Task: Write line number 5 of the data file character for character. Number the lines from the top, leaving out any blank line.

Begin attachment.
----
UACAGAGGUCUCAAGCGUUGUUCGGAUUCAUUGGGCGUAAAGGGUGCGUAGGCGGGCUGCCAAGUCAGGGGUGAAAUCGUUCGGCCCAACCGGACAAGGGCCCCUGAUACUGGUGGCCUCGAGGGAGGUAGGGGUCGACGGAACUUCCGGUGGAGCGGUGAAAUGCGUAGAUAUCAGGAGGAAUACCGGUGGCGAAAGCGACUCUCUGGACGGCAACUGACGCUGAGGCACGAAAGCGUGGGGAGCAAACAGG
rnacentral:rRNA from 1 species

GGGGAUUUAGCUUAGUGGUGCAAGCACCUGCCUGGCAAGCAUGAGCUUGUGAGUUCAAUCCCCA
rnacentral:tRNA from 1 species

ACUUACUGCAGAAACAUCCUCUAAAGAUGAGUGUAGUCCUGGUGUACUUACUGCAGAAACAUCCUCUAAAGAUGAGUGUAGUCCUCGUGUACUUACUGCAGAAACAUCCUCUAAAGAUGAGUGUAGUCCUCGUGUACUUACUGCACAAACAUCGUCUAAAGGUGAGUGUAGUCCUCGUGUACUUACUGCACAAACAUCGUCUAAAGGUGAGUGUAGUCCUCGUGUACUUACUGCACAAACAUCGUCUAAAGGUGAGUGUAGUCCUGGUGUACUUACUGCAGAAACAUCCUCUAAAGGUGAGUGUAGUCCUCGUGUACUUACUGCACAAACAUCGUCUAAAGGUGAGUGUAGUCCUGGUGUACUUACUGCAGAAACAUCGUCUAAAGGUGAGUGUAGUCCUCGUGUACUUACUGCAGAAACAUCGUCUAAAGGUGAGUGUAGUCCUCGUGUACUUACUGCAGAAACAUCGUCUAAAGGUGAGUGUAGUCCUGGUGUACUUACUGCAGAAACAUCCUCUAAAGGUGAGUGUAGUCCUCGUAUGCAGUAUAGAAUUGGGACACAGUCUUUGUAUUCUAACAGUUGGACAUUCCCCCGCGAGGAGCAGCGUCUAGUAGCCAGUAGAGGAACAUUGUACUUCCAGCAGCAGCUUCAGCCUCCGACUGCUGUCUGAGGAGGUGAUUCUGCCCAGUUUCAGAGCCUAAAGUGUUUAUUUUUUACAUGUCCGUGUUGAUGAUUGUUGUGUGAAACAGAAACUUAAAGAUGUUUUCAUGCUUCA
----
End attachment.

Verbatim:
ACUUACUGCAGAAACAUCCUCUAAAGAUGAGUGUAGUCCUGGUGUACUUACUGCAGAAACAUCCUCUAAAGAUGAGUGUAGUCCUCGUGUACUUACUGCAGAAACAUCCUCUAAAGAUGAGUGUAGUCCUCGUGUACUUACUGCACAAACAUCGUCUAAAGGUGAGUGUAGUCCUCGUGUACUUACUGCACAAACAUCGUCUAAAGGUGAGUGUAGUCCUCGUGUACUUACUGCACAAACAUCGUCUAAAGGUGAGUGUAGUCCUGGUGUACUUACUGCAGAAACAUCCUCUAAAGGUGAGUGUAGUCCUCGUGUACUUACUGCACAAACAUCGUCUAAAGGUGAGUGUAGUCCUGGUGUACUUACUGCAGAAACAUCGUCUAAAGGUGAGUGUAGUCCUCGUGUACUUACUGCAGAAACAUCGUCUAAAGGUGAGUGUAGUCCUCGUGUACUUACUGCAGAAACAUCGUCUAAAGGUGAGUGUAGUCCUGGUGUACUUACUGCAGAAACAUCCUCUAAAGGUGAGUGUAGUCCUCGUAUGCAGUAUAGAAUUGGGACACAGUCUUUGUAUUCUAACAGUUGGACAUUCCCCCGCGAGGAGCAGCGUCUAGUAGCCAGUAGAGGAACAUUGUACUUCCAGCAGCAGCUUCAGCCUCCGACUGCUGUCUGAGGAGGUGAUUCUGCCCAGUUUCAGAGCCUAAAGUGUUUAUUUUUUACAUGUCCGUGUUGAUGAUUGUUGUGUGAAACAGAAACUUAAAGAUGUUUUCAUGCUUCA